In high school, I had a close-knit group of friends, many of whom remain good friends today. Except for one, a person with whom I was remarkably tight for an intense period, and then it all fell away. (Let’s call him X, because X is a fine name for something buried, though “treasure” doesn’t come to mind.) X probably had the most ranging intelligence of all my friends, the quickest wit and certainly the most ingenuity: he was the kind of a guy who would look at a dead radio, and in five minutes solder a spoon into its wiring and make its silence sing again.
But for all his charisma—and he had that—my friend had a sharp edge to him that impelled him to practical jokes, many of which seemed less than funny. He would put raw eggs in our beds that later made for soggy sleeping, soap our toothbrushes, surreptitiously tie some of our shoes together when in a group so when we got up we would stumble. He drove his Volkswagen van around a big tree in my tight backyard at mad speeds with my parents home and watching, so that it seemed like a demon’s visitation—what was that? He once dumped a full bowl of cereal and milk on me while I was sleeping, for no reason other than the feeling moved him. Because he worked in a pizza parlor, now and then he’d drive by, get out and throw entire pizzas on our roofs.
The moment that turned the corner for me was when he tied a string to our front door so that the bag of charcoal briquets that he’d tossed on the roof above would fall on one of us when the door was opened. The fact that it came down on my mother was the catalyst for what followed. All of my friends, my brother included, had some kind of grudge against him. “Remember when X spit in your drink and waited for you to swallow some before he told you?” “Yeah!”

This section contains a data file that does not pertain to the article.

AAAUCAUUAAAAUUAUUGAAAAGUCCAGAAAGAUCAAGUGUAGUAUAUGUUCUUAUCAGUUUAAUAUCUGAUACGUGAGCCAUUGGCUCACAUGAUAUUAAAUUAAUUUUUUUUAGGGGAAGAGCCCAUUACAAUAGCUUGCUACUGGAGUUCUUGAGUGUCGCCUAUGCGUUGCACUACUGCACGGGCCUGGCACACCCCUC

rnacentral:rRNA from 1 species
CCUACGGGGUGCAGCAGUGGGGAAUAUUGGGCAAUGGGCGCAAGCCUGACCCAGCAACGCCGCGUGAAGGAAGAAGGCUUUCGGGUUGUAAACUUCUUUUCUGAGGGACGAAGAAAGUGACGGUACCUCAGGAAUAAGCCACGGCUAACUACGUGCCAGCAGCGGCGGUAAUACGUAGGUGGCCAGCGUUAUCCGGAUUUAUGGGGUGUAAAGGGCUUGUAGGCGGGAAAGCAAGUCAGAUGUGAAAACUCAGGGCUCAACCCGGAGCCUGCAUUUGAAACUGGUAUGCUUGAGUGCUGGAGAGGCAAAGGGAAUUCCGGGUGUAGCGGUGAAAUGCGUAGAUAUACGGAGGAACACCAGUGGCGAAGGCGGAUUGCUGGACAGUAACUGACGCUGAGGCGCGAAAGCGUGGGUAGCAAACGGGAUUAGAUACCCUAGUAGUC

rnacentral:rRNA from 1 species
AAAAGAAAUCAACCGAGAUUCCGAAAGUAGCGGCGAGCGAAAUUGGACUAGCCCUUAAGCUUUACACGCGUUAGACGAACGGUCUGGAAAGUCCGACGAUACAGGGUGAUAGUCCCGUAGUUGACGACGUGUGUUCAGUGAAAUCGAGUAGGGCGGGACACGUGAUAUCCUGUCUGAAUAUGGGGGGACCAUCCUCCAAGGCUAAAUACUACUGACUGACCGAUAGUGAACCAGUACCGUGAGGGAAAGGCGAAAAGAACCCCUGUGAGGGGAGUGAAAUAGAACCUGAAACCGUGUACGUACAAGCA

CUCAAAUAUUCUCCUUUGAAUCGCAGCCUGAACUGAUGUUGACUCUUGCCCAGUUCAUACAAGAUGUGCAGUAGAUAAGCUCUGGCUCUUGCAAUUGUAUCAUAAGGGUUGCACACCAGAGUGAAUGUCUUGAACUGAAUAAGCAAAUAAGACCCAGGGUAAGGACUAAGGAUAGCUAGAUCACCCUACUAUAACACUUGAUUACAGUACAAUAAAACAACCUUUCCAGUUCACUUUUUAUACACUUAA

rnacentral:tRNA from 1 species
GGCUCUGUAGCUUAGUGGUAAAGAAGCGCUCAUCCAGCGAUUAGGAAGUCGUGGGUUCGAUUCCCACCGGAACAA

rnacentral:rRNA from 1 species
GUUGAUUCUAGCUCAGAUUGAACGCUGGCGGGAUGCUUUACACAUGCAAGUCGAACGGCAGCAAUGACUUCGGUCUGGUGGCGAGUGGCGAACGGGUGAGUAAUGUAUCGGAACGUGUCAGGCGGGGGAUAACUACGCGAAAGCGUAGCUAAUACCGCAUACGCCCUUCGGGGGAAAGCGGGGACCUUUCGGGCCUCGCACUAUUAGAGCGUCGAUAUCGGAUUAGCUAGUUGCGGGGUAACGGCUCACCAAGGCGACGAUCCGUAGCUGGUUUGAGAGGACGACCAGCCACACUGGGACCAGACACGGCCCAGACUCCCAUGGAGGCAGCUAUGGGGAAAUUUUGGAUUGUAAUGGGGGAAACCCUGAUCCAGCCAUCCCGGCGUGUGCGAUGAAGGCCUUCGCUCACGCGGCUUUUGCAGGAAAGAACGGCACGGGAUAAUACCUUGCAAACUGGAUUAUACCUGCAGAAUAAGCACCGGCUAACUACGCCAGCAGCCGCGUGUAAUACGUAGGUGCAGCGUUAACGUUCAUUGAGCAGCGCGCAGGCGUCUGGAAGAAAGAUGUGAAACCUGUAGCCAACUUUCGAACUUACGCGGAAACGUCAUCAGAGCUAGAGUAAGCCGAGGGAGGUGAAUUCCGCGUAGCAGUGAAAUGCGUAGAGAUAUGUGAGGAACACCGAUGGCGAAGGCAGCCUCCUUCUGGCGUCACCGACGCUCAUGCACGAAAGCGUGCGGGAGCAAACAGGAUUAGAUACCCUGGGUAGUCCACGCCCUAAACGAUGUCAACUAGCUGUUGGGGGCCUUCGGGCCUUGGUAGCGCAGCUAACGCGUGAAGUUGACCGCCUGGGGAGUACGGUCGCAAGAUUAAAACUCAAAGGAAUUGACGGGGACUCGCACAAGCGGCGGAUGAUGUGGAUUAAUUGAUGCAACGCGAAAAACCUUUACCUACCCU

We all had the stories. So we decided to humiliate him.
A couple of our group (also X’s victims) dropped out, leaving me, my brother, and two other friends, all of whom had suffered at X’s hands. Because all of them also worked part-time in that neighborhood pizza parlor (excepting me—I understood from an early age that work was unhealthy), they knew the routine: whoever was the assistant pizza “chef” would need, maybe an hour into the shift, to go to the refrigerated, locked storage shed out in the alley that flanked the shop, in order to bring in one of the five-gallon buckets of shredded cheese. We knew X’s work schedule, and we knew he would come out. We were waiting.
We were hidden in various places in the alley: behind dumpsters and the projecting side of a building. We had a dozen raw eggs and 10 water balloons. I was on top of the shed, hunching in silence, with two plastic buckets of tomato sauce. When he came out, we unleashed a fusillade of high-school-boys-mad-as-hornets hell on him, while howling imprecations.
Our work was effective. He was a miserable sight, soaked, stained, cowering. He didn’t say a word, but just stood blinking and defeated.
With that, everything changed. [Read more…]